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Effects of monensin on growth performance of beef heifers consuming warm-season perennial grass and supplemented with sugarcane molasses

Moriel, Philipe, Vendramini, Joao M. B., Carnelos, Caio, Piccolo, Matheus B., da Silva, Hiran M.
Tropical animal health and production 2019 v.51 no.2 pp. 339-344
Brangus, Cynodon dactylon, Paspalum notatum, beef cattle, blood composition, cottonseed meal, digestibility, glucose, grazing, growth performance, hay, heifers, insulin-like growth factor I, molasses, monensin, nutritive value, pastures, perennials, sugarcane, warm season, warm season grasses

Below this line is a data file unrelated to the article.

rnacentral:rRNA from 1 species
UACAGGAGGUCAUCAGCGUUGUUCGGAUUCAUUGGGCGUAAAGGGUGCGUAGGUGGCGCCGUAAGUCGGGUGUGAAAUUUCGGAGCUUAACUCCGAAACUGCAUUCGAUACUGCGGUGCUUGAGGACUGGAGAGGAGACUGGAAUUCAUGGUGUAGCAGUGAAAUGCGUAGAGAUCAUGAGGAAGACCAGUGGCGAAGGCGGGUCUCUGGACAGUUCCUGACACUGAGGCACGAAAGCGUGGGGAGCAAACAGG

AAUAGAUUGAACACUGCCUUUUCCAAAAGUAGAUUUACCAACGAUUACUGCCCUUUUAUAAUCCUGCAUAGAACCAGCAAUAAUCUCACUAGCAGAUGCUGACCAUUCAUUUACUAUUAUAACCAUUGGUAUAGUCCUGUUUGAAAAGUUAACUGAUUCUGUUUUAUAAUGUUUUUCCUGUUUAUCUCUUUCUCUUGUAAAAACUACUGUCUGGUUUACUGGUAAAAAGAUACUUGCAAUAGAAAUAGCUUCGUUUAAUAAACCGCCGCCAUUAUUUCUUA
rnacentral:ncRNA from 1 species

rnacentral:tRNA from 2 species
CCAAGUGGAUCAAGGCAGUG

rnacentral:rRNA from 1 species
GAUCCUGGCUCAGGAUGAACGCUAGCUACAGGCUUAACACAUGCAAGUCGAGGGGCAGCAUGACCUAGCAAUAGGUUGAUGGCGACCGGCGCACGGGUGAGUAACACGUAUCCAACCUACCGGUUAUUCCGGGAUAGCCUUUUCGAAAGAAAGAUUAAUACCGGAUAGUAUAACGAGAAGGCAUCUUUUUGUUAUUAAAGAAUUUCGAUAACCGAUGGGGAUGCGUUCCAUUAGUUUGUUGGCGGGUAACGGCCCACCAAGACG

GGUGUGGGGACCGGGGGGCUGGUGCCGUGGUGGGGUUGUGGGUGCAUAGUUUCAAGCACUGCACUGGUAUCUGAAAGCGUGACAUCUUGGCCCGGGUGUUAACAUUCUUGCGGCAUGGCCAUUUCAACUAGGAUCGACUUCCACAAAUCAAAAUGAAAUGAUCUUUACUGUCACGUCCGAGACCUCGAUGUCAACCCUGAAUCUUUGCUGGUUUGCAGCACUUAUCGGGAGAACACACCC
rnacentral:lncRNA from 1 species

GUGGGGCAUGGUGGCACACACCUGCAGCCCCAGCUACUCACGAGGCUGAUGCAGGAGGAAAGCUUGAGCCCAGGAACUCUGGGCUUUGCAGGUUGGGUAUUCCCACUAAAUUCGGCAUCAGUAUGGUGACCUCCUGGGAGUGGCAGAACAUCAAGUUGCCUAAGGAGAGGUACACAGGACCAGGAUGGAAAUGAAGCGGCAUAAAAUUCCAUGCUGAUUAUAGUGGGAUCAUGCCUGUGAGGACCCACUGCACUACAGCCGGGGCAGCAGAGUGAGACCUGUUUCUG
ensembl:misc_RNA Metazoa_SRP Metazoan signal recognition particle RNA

The objective of this study was to evaluate the effects of monensin on performance of beef heifers fed warm-season forages. Brangus heifers (n = 24) were stratified by BW and BCS, and randomly assigned into 1 of 12 bahiagrass pastures (1.2 ha and 2 heifers/pasture). Heifers were offered 14 kg of sugarcane molasses and 3.5 kg of cottonseed meal weekly from day 0 to 84. Treatments were randomly assigned to pastures (6 pastures/treatment) and consisted of heifers supplemented with or without 200 mg/day of monensin. On d 85, heifers were allocated to individual drylot pens, provided free choice access to bermudagrass hay, and received their respective treatment for 10 d of adaptation and 11 d of data collection. Monensin did not impact (P ≥ 0.13) heifer BW, BCS, overall ADG, bahiagrass IVDOM, CP, herbage mass, and allowance. Supplement disappearance after 10 and 34 h of supplementation was greater for control vs. monensin heifers (P = 0.04) and tended to be greater for control vs. monensin heifers 24 h post-supplementation (P = 0.07). Plasma concentrations of glucose, IGF-1, and BUN (P ≥ 0.24) did not differ between treatments. From d 85 to 106, forage and total DM intake, in vivo DM digestibility, and heifer growth performance did not differ between treatments (P ≥ 0.12). Therefore, adding monensin to sugarcane molasses-based supplements decreased supplement consumption rate, but did not impact growth and blood parameters of heifers grazing warm-season grasses with limited nutritive value.